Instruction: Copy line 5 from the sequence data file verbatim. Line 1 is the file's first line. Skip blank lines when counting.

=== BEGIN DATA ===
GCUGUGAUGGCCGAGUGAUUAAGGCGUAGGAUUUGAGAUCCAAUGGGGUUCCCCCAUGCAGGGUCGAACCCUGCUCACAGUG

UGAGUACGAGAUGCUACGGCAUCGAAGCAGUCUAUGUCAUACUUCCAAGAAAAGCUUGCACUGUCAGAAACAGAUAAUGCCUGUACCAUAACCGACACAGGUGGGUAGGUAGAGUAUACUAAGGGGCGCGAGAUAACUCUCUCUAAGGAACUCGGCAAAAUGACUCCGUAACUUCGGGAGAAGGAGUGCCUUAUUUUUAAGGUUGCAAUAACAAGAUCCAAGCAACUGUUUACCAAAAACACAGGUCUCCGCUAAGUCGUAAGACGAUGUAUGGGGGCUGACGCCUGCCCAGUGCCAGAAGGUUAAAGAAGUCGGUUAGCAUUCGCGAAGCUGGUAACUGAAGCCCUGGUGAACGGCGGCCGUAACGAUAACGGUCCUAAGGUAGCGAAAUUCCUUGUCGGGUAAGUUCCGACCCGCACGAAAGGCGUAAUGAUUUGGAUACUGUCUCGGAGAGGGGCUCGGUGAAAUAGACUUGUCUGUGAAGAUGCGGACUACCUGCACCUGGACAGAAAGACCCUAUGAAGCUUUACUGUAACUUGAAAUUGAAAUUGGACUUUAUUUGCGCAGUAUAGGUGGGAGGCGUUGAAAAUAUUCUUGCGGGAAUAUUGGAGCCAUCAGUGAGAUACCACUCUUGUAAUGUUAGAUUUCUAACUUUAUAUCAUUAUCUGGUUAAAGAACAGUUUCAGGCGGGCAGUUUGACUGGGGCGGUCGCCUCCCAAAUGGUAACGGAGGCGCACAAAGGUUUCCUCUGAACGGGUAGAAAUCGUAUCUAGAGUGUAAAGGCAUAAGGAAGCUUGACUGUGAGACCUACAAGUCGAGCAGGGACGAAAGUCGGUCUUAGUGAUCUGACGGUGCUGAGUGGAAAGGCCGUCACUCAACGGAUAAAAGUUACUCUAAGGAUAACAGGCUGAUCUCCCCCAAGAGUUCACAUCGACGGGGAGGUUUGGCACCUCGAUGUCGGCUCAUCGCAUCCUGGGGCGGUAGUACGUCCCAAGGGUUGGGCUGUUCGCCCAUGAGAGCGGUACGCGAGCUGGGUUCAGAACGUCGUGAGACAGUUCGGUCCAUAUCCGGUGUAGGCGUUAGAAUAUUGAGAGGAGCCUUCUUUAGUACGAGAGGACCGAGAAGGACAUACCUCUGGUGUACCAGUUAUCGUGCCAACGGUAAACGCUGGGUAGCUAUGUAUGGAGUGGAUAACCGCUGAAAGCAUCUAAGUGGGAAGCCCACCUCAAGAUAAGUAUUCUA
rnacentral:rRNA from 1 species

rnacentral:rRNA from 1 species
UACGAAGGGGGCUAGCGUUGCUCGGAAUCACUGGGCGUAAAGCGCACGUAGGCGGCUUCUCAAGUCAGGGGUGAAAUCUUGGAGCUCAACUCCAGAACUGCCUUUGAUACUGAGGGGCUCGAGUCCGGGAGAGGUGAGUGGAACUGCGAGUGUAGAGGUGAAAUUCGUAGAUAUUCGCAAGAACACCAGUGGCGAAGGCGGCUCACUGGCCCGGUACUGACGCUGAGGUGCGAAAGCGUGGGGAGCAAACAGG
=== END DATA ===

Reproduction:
UACGAAGGGGGCUAGCGUUGCUCGGAAUCACUGGGCGUAAAGCGCACGUAGGCGGCUUCUCAAGUCAGGGGUGAAAUCUUGGAGCUCAACUCCAGAACUGCCUUUGAUACUGAGGGGCUCGAGUCCGGGAGAGGUGAGUGGAACUGCGAGUGUAGAGGUGAAAUUCGUAGAUAUUCGCAAGAACACCAGUGGCGAAGGCGGCUCACUGGCCCGGUACUGACGCUGAGGUGCGAAAGCGUGGGGAGCAAACAGG